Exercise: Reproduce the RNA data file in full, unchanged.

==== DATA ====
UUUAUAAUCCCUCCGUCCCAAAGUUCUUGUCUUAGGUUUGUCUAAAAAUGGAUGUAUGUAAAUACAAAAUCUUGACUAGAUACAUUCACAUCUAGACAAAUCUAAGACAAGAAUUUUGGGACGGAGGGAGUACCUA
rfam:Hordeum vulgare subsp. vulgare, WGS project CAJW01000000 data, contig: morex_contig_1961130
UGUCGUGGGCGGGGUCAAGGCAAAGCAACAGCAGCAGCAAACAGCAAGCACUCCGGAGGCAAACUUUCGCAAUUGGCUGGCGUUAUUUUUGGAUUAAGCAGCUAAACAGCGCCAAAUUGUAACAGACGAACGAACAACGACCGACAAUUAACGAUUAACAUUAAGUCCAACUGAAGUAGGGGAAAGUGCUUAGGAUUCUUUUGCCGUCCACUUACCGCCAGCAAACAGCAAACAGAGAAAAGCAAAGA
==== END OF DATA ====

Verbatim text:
UUUAUAAUCCCUCCGUCCCAAAGUUCUUGUCUUAGGUUUGUCUAAAAAUGGAUGUAUGUAAAUACAAAAUCUUGACUAGAUACAUUCACAUCUAGACAAAUCUAAGACAAGAAUUUUGGGACGGAGGGAGUACCUA
rfam:Hordeum vulgare subsp. vulgare, WGS project CAJW01000000 data, contig: morex_contig_1961130
UGUCGUGGGCGGGGUCAAGGCAAAGCAACAGCAGCAGCAAACAGCAAGCACUCCGGAGGCAAACUUUCGCAAUUGGCUGGCGUUAUUUUUGGAUUAAGCAGCUAAACAGCGCCAAAUUGUAACAGACGAACGAACAACGACCGACAAUUAACGAUUAACAUUAAGUCCAACUGAAGUAGGGGAAAGUGCUUAGGAUUCUUUUGCCGUCCACUUACCGCCAGCAAACAGCAAACAGAGAAAAGCAAAGA